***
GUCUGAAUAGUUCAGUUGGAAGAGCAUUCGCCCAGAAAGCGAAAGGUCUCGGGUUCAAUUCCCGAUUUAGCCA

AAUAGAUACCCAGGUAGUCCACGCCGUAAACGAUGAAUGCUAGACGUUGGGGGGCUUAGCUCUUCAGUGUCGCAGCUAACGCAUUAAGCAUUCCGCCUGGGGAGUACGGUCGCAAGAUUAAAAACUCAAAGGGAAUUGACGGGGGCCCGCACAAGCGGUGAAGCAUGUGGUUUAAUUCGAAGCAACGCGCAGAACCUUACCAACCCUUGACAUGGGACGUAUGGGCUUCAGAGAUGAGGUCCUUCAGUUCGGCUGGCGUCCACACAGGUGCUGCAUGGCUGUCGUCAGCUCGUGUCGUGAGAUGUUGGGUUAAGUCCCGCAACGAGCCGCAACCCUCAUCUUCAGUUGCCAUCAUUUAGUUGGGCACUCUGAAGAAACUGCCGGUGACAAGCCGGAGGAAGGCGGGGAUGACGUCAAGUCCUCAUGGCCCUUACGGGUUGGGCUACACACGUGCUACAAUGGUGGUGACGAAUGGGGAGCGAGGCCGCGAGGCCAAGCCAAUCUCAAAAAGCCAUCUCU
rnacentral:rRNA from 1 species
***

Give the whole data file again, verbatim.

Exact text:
GUCUGAAUAGUUCAGUUGGAAGAGCAUUCGCCCAGAAAGCGAAAGGUCUCGGGUUCAAUUCCCGAUUUAGCCA

AAUAGAUACCCAGGUAGUCCACGCCGUAAACGAUGAAUGCUAGACGUUGGGGGGCUUAGCUCUUCAGUGUCGCAGCUAACGCAUUAAGCAUUCCGCCUGGGGAGUACGGUCGCAAGAUUAAAAACUCAAAGGGAAUUGACGGGGGCCCGCACAAGCGGUGAAGCAUGUGGUUUAAUUCGAAGCAACGCGCAGAACCUUACCAACCCUUGACAUGGGACGUAUGGGCUUCAGAGAUGAGGUCCUUCAGUUCGGCUGGCGUCCACACAGGUGCUGCAUGGCUGUCGUCAGCUCGUGUCGUGAGAUGUUGGGUUAAGUCCCGCAACGAGCCGCAACCCUCAUCUUCAGUUGCCAUCAUUUAGUUGGGCACUCUGAAGAAACUGCCGGUGACAAGCCGGAGGAAGGCGGGGAUGACGUCAAGUCCUCAUGGCCCUUACGGGUUGGGCUACACACGUGCUACAAUGGUGGUGACGAAUGGGGAGCGAGGCCGCGAGGCCAAGCCAAUCUCAAAAAGCCAUCUCU
rnacentral:rRNA from 1 species